Consumers and Society
Amazon announced their plans to build a second and third headquarter in New York and Washington. With the promise of jobs, states lured Amazon with tax concessions and economic development subsidies. Amazon paid $0 in federal taxes on $11.2 billion they made, and received a refund of $129 million.  They recently pulled out of NY because politicians “made it clear that they oppose our presence and will not work with us to build the type of relationships that are required”. 
It has become obvious that though Amazon clearly breaks many of our corporate social responsibility requirements from a company, we still support it. More and more evidence of Amazon’s terrible working conditions comes out every day, even with thousands of workers across Europe protesting on Black Friday, Amazon still had its biggest sales day of all time. 
"Greenwashing" Social Responsibility
CEO Jeff Bezos, the richest man in the world worth $138 billion, committed to donate $2 billion to decrease homelessness in Seattle. While charitable, a look into his actions as CEO of Amazon shows the company worked to defeat a Seattle tax on businesses where funds would go towards homeless aid. This head tax, a uniform tax imposed on each employee, would greatly cut into Amazon’s profits. Similarly, Amazon Smile (an exact copy of Amazon.com except every purchase in the site comes with a 0.5% donation) shows one side of the philanthropic coin, while the fact that 1 in 3 Amazon employees in Arizona rely on food stamps to survive, shows another. While he will still donate millions, Bezo’s actions as a leader of the company show a hidden side, one that he should recognize the inconsistencies of.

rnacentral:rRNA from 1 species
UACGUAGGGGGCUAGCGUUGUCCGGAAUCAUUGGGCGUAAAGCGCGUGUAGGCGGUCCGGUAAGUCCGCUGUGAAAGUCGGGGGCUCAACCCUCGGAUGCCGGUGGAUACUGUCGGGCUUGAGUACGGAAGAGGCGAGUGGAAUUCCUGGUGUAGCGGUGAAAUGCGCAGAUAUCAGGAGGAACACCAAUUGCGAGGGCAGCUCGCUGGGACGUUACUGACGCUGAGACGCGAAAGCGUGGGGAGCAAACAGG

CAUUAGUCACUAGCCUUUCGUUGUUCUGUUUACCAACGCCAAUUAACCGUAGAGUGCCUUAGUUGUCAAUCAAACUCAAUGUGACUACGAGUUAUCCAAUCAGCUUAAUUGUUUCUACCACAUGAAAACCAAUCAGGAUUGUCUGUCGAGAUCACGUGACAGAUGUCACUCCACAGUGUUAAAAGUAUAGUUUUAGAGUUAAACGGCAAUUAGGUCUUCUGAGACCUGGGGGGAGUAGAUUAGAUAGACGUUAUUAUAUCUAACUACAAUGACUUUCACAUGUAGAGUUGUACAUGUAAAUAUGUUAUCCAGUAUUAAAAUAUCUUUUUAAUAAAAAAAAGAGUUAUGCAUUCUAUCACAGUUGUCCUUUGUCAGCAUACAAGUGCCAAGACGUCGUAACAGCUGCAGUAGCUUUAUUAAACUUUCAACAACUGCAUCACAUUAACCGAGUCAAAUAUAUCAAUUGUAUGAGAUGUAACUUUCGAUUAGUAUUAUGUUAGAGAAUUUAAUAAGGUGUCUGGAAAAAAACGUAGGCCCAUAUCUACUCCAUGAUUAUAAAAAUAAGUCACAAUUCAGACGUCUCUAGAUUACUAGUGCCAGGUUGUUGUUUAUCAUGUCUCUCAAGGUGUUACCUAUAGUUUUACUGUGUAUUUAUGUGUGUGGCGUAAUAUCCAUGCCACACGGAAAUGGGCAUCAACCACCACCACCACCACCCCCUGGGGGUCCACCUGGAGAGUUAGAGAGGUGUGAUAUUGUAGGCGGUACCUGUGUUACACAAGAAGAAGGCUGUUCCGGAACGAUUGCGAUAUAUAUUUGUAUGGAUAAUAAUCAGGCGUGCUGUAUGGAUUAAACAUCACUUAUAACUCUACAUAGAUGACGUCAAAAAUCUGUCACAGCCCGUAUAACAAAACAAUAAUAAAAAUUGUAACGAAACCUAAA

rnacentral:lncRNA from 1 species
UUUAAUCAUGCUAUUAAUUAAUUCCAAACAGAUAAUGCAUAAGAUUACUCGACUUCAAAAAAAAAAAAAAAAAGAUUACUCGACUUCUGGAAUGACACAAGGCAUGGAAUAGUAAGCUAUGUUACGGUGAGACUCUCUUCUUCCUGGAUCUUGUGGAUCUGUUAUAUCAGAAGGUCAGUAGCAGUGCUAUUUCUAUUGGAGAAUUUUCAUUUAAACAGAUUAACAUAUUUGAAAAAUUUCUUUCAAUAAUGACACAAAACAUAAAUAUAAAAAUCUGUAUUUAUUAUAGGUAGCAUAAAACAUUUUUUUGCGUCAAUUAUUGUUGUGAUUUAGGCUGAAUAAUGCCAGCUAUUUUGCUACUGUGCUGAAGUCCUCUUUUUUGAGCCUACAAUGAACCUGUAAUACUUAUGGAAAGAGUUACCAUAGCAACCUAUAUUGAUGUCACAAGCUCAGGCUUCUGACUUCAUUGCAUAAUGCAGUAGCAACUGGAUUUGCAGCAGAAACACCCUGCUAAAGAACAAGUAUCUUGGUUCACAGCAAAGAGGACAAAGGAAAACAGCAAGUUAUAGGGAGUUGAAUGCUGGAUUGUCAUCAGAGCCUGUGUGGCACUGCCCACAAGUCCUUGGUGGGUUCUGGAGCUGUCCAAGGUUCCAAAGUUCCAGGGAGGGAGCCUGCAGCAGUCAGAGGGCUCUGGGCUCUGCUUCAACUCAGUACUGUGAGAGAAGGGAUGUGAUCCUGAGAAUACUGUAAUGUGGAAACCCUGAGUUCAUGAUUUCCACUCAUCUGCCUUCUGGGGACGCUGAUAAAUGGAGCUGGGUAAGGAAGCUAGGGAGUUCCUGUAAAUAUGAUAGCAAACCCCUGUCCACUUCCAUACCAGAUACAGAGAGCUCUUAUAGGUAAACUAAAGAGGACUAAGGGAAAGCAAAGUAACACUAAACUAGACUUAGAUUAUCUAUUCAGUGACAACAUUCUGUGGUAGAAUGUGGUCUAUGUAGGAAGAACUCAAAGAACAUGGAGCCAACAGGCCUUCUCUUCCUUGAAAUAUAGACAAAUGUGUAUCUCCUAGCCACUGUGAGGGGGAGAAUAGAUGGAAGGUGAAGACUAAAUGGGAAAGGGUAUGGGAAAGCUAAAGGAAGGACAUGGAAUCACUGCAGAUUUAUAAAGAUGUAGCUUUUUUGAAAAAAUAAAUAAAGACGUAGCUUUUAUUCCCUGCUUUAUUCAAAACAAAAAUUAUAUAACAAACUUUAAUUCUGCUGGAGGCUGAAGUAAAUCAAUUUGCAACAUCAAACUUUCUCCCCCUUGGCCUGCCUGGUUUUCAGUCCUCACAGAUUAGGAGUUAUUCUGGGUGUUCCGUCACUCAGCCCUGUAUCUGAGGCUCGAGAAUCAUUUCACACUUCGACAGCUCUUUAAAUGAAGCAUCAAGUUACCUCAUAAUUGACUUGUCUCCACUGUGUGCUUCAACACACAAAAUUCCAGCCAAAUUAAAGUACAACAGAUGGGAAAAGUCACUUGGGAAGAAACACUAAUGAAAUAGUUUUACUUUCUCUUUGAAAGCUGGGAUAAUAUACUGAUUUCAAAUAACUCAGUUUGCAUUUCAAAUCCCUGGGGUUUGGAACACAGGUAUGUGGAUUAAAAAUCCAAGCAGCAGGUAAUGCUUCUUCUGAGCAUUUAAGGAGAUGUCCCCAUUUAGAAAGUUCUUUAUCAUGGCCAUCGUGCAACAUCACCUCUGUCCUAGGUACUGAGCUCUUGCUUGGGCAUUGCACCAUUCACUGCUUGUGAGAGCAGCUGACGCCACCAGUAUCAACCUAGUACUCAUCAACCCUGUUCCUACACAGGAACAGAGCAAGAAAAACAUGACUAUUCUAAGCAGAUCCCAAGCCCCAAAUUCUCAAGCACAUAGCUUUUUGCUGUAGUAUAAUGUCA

Amazon’s squeezing of small retailers and employees and their blatant tax diving renders their socially responsible actions as more a cover for their financially greedy practices. Though many of these facts have been brought to light already, consumers continue to sustain the company. So of course, when Amazon has a positive headline we believe it fully, because it makes it easier for us to deal with our choices of convenience over what we know is right. Still, we can change this by choosing buy local and support workers strikes. In the end, we vote with our wallets, so let’s vote against corporate greed and support people over the giants of capitalism.
About the Author
Priscila Aoki is studying Environmental Economics and Policy at the University of California, Berkeley and is an Editorial Assistant for the California Management Review. She intends on working on cap and trade policies and is also the communications coordinator for the Residential Sustainability Program.
Social Media Marketing: Essential, but with Pitfalls Most businesses now rely on social media to connect with customers. But the migration online has been accompanied by many new social pitfalls. How should brands contend with fake news, political outrage, and distraction? (more)